Whitman Fire Chief Offers Hurricane Preparedness Tips

Whitman Fire Department
Timothy J. Grenno, Fire Chief
56 Temple St.
Whitman, MA 02382

For Immediate Release

Thursday, Sept. 6, 2018

Contact: Benjamin Paulin
Phone: 781-428-3299
Email: [email protected]

Whitman Fire Chief Offers Hurricane Preparedness Tips

WHITMAN — Chief Timothy J. Grenno and the Whitman Fire Department are recommending a series of precautions to residents in the event of a hurricane or tropical storm in the coming weeks and months.

Although the Atlantic hurricane season is officially June 1 through November 30, the most active time for these storms in Massachusetts is late August through September, according to the Massachusetts Emergency Management Agency (MEMA).

“As of today, Hurricane Florence is near the Caribbean islands and has been designated as a Category 4 storm,” said Chief Grenno, who serves as the director of Whitman’s emergency management agency. “It is unclear where the hurricane’s path will take it as of Thursday morning, but regardless residents should still formulate a plan for all major storms ahead of time.”

The Whitman Fire Department Facebook pageWhitman Police Department Facebook page and the Town of Whitman website will be updated regularly during the event of a hurricane or significant storm. Residents can also sign up to receive emergency notifications here.

In the event of a hurricane or tropical storm, Chief Grenno and the Whitman Fire Department urge residents to establish and practice a family emergency planbuild an emergency kit and follow tips outlined by the MEMA:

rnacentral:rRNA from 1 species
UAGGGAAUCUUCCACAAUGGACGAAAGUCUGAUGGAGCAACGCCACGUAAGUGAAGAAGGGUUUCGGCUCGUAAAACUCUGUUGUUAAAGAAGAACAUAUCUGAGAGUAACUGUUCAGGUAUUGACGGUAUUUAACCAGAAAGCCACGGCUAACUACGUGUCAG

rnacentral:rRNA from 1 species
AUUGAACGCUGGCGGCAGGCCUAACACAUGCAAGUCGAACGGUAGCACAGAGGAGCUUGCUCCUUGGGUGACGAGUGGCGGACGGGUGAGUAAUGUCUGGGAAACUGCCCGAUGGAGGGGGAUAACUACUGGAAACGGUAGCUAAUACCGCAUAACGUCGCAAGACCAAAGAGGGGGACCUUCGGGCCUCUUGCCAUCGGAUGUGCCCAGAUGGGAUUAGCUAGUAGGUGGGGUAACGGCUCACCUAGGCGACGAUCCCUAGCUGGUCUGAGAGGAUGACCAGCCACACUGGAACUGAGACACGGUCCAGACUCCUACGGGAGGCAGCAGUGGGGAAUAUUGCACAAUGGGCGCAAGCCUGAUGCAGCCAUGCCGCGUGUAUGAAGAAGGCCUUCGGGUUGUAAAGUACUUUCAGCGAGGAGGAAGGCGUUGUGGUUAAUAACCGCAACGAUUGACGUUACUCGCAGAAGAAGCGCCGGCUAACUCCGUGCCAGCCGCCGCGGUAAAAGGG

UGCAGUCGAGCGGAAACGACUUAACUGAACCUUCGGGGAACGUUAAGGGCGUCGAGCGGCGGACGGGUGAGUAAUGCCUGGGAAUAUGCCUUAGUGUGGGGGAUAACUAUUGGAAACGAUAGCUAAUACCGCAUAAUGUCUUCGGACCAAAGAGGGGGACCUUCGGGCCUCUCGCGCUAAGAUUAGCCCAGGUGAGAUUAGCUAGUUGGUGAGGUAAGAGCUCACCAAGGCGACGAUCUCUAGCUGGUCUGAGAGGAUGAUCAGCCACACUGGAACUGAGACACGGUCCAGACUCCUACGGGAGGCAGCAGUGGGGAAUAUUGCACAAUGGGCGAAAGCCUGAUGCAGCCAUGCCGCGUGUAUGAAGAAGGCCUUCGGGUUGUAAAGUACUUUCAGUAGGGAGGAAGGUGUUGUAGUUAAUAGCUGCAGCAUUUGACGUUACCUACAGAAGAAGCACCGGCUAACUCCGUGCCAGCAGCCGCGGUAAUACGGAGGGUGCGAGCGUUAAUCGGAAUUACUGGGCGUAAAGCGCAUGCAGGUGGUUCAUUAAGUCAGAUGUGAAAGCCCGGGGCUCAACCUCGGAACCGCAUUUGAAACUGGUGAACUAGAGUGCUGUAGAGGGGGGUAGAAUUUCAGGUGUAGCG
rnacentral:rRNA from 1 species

• Be informed of hurricane and tropical storm warnings by receiving alerts and public safety information before, during, and after emergencies.
  • If you live or work in a flood zone, hurricane evacuation zone, or an area that is prone to flooding, you should be prepared to evacuate.
  • Check flashlights and portable radios to confirm they’re working.
  • Fully charge your cell phone, laptop and any other devices before the storm.
  • If you own a car, make sure its gas tank is at least half full in the event you need to travel.  Purchase a car phone charger so that you can charge your device if you lose power in your home.
  • If you have life-support devices (home dialysis, suction, breathing machines, etc.) that depend on electricity, contact your local electric company about your power needs in advance of an emergency. Some utility companies will put you on a priority re-connection service list.
  • Purchase a generator to maintain electricity despite an outage. Generators should always be kept outside, since they admit carbon monoxide fumes that can quickly accumulate indoors.
  • Prepare your home. Consider attaching temporary plywood covers to protect windows and sliding doors.